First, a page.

When it comes to political marketing and sloganeering, congressional Republicans deserve a lot of credit.
Congressional aides — even Democratic ones — and longtime Washington defense hands and analysts often remark how impressive it is how the GOP comes up with their catchy themes.
Last week featured two, one from each chamber. One worked. Will the other?
On the Senate side, GOP members like Lindsey Graham, R-S.C., used a one-liner when pressing the White House to disclose information about President Obama’s actions during and after the deadly Sept. 11 Benghazi, Libya attack. “No confirmation without information,” Graham said.
The effort worked. The GOP senators got the information, and say they likely will allow Chuck Hagel to be confirmed next week.
On the House side, just as America was recovering from the hysteria that was the “fiscal cliff” and learning all about something called “sequestration,” House Republicans brought us a new sloagn, via a Twitter hashtag: #Obamasequester.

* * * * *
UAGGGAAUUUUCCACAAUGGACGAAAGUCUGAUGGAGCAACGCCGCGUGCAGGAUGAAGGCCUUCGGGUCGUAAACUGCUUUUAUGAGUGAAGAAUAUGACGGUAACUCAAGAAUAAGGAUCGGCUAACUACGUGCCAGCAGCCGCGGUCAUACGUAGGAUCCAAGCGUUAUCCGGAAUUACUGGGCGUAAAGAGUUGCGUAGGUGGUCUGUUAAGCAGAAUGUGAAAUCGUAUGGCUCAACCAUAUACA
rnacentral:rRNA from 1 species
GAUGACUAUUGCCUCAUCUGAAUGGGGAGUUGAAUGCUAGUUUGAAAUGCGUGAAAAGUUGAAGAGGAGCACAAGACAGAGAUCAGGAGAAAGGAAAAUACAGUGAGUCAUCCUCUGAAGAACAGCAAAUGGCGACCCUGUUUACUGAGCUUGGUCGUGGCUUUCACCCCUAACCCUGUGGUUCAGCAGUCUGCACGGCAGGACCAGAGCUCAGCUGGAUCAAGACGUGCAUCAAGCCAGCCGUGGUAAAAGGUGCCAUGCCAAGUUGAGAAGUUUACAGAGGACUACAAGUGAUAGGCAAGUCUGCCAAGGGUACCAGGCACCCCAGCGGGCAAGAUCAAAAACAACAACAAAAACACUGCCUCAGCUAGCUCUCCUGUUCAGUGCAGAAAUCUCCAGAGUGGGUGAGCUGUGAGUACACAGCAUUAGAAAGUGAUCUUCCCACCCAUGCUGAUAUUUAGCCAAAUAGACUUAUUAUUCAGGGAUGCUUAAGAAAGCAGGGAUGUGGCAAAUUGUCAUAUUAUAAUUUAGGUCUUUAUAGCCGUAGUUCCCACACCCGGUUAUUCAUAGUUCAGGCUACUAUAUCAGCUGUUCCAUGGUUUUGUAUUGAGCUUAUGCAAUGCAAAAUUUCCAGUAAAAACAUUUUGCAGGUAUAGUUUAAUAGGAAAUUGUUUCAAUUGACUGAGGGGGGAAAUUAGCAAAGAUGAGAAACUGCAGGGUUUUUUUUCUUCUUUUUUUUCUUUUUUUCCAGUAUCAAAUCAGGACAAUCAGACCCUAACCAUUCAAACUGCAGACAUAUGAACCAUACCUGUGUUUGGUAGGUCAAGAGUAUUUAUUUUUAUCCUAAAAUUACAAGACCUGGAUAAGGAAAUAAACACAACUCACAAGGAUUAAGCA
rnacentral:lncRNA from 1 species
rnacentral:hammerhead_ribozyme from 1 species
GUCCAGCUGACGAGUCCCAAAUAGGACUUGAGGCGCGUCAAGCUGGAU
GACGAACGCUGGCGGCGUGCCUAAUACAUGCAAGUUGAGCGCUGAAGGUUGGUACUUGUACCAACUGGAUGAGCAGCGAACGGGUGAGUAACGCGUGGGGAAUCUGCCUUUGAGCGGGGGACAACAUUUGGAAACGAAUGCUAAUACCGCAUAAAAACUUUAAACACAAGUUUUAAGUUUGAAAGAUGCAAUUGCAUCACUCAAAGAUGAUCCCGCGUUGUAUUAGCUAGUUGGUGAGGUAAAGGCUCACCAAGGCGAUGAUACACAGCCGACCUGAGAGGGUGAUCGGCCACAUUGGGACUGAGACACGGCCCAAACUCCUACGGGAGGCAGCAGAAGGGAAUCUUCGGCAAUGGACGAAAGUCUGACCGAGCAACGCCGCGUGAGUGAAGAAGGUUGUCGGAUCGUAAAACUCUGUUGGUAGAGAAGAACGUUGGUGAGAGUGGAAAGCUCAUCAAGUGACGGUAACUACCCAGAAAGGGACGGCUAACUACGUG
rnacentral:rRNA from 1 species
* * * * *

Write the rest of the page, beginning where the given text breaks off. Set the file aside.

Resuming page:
Coupling the president’s last name with the word sequester is part of a broader GOP push to convince American voters that Obama and his administration came up with the automatic twin $500 billion cuts to planned defense and domestic spending. (Journalist Bob Woodward over the weekend repeated something he reported in his latest book that Obama’s aides, during back-and-forth proposals with Republicans in August 2011, did indeed propose it. The White House has not refuted Woodward’s account of the birth of sequestration.)
Will it work as well as “no confirmation without information”? Obama is betting it won’t, even if the sequester cuts are triggered March 1 and actually take effect March 27. During a Tuesday event at the White House, Obama criticized Republicans for refusing to compromise about a package to again delay the pending cuts or permanently replace them. Obama wants a package with some more cuts, as well as entitlement program and tax reforms. Republicans want more cuts only.
“Most Americans,” Obama said, “agree with me.”